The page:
Luther and David Bowen
Luther L. Bowen was born Dec. 3, 1806, in Herkimer County of western New York and around 1833 he accompanied a party of surveyors and was engaged with them in locating the disputed boundary line between Illinois and Wisconsin. The work having been completed, he remained in Galena and was employed by a firm as a bookkeeper.
In exploring around the country looking for a good location, he finally recached this frontier settlement and determined it an excellent location for the founding of a city on the Mississippi River. He then negotiated with the settlers for their claim interests and returned to Galena with the intention of returning later and laying out the town.
In 1935, Luther Bowen returned to the settlement and began to develop the land he had purchased from the original pioneers. With a man named Murray, the two laid out the town and called it Savanna, which means, treeless grassy plain referring to the land south of town.
So the 36 acres of cornfield became streets and building lots. In laying out Main Street they took the westside, the line of field fences which had been built following the line of driftwood indicating some previous high water mark. Commerce Street was laid out one block west of Main Street along the bank of the river. This street and the part of Main Street lying south of which is now Chicago Avenue was vacated by an act of Legislation.
Luther Bowen built a motel, The Mississippi” on Main Street at the present location of the Radke House. It became known as the Woodruff House and was eventually torn down to make room for the Radke Hotel. Luther also started a general store, established the first post office in 1836, and became the first postmaster.
He went to New York to buy goods for his store, and when he returned he brought with him a bride. He married Elizabeth Dale, native of Union County, Pennsylvania, and they had four children, Hattie E. Bowen Hershey (1845-1927), Jennie F. (1848-1922), Wilmot I. (1852-1884) and Aaron L. (1859-1939).
They lived in the log cabin the Blundells had built and then constructed the first frame house at the corner of Third Street and Chicago Avenue.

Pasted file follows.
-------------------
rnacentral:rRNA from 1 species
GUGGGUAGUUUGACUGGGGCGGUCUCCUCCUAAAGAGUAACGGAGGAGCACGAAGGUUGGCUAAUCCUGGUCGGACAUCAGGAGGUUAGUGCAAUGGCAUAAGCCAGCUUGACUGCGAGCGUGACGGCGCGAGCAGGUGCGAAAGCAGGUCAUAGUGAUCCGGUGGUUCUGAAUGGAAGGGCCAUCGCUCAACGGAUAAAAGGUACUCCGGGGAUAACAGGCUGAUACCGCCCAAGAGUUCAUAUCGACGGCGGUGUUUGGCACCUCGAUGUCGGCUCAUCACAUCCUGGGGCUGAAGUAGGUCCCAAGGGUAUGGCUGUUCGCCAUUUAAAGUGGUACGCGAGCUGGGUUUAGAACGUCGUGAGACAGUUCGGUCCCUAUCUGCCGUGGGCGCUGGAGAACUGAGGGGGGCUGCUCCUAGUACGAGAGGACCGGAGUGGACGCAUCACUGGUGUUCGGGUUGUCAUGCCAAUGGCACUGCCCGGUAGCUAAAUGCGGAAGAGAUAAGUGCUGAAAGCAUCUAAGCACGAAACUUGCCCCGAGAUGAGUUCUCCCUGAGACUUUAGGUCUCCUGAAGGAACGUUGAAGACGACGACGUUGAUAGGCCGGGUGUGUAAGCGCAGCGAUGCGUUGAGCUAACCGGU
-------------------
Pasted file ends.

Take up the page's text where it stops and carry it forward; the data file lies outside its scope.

In 1836, Luther and his brother, John, built a saw mill on Plum River on the opposite bank of the Kitching's grist mill. The pine logs to supply the mill were rafted down the Mississippi River and up the Plum River to near the mill. This was a great convenience for the settlers in building their cabins as it did away generally with the puncheon floors.
In 1835 and 1836, he established a ferry at the mouth of Plum River, which was made necessary in time of high water, as it was the only way to Savanna from the east and south.
He was instrumental in forming Carroll County and was one of the first commissioners of the new county in 1839. He died on May 5, 1876, at age 69, and is buried at the Savanna Township Cemetery.
David Bowen constructed the first Lincoln School in 1870 at a cost of $24,500 on the hillside on Murray Square
David Bowen was born in Herkimer County, New York, on October 20, 1816. The younger brother of Luther H. Bowen, he arrived in the settlement in 1835, having walked nearly all the distance from Herkimer County in western New York and often told of passing through Chicago and coming on out here thinking this place looked like a much better location.
Young David Bowen was hired to get out the timbers for the frame work for Aaron Pierce’s hotel, the Frontier House, and spent the winter on the island across from the town, cutting the immense oak trees and hewing the timbers out by hand.
He soon became the city’s top architect and erected the first city hall, the first Lincoln School, the Methodist and Congregational Churches as well as several houses around town. He owned a planing mill in Sabula, was on the first jury ever empaneled in Carroll County and held the office of County Commissioner.
He married Miss Sila Pierce, daughter of Aaron Pierce, on Jan. 31, 1844, and they had four children: Lester Waterman (1845-1928), Emma L. (1848-1919), Luther Sherman (1855-1934) and Frank Pierce (1859-1936), David L. Bowen died in 1898.
City Hall was built by David Bowen in 1873 at the northwest corner of Third and Murray at a cost of $1,800. It consisted of two jail cells, an anteroom downstairs, and a meeting hall on the second floor.